Oops, I just re-found this blog posting – which I had forgotten to publish – about my recent, brilliantly wheelchair accessible, visit to Ametsa at The Halkin Hotel in Knightsbridge.
I have been to eat a few times at The Halkin when Nahm, the wonderful Thai restaurant overseen by David Thompson, occupied the space in which Ametsa now resides so I knew just how accessible it was.
And, really, wheelchair access couldn’t be easier. We pulled up outside, I rolled from ramp to restaurant on level ground all the way. Spacious restaurant: I settled at the table whilst D parked up on single yellow’s a few yards down the road (The Halkin is in the relatively quiet back-space of Knightsbridge). Getting out: just as easy.
Honestly, I could just weep with relief when access is as simple as this. Would it were always so.
And the foodie experience?
If you don’t know of Ametsa, it’s linked to Arzak, one of the great Basque restaurants that came to the fore some years ago, along with El Bulli and Mugaritz. The Halkin describe it as their:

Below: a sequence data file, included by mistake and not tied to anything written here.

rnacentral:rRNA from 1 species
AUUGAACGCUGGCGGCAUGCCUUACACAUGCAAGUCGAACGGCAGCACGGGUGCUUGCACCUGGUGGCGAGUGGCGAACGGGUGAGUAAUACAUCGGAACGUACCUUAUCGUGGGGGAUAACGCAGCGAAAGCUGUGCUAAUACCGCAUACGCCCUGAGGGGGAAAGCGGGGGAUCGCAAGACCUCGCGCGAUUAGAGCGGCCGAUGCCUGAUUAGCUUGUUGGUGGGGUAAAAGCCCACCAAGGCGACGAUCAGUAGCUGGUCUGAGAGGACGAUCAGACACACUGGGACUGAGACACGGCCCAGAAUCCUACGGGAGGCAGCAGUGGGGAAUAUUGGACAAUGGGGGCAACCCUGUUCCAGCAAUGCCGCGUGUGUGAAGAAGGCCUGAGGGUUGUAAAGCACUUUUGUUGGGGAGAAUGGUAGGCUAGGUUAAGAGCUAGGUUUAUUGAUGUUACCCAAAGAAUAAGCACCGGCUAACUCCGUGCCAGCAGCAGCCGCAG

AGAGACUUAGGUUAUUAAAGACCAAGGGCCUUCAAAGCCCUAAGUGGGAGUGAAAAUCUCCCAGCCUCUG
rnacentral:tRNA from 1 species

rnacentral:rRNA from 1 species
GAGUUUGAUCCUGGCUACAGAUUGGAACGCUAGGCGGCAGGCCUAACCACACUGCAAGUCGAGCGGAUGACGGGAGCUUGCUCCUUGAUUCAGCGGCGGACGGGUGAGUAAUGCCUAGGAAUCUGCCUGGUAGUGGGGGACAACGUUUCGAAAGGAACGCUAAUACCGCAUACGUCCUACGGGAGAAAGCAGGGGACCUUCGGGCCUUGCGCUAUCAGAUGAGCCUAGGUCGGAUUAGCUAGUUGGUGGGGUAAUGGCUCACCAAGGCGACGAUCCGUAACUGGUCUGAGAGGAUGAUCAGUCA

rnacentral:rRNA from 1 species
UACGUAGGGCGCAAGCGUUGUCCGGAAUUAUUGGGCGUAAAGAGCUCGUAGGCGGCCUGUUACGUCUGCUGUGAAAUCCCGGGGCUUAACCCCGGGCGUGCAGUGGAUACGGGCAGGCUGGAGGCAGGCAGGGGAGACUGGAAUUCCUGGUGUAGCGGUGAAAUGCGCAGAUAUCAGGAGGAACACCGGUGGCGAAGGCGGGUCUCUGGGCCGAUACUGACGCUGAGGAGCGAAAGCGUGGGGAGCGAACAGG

… new Basque restaurant, Ametsa with Arzak Instruction, serv[ing] spanish gastronomy from acclaimed three Michein stars chefs.
And, it was … well, it didn’t blow me away but it was excellent.
Well prepared and presented food with a few fun surprises in taste and style, friendly people and a comfortable, if slightly chilly – in decor, environment.
A week and a half on, I remember as highlights the dainty mouthfuls of light crunchy appetisers, including a yummy black pudding and seedy cracker explosion in the mouth; the sweetness of succulent langoustines; a gorgeously dark slab of seared Black Mojo tune, an unrecognisably deconstructed banana tart tatin and a dessert called Fractal de Hidromiel – ‘mead fractal’ – which sounded unappetising yet was an amazing creation of porridge looking stuff with a red liquid dressing that exploded across it like a blood tinged snowflake. So unexpected and it tasted divine.
Of course, it’s another central London expensive foodie treat – we paid about £300 per couple for the evening tasting menu with a fair amount of alcohol but, for quality, accessibility and interest, I may be back to try the a la carte or lunchtime options.
Ametsa at The Halkin Hotel: definitely recommended to anyone who likes to expand their culinary boundaries whilst socialising.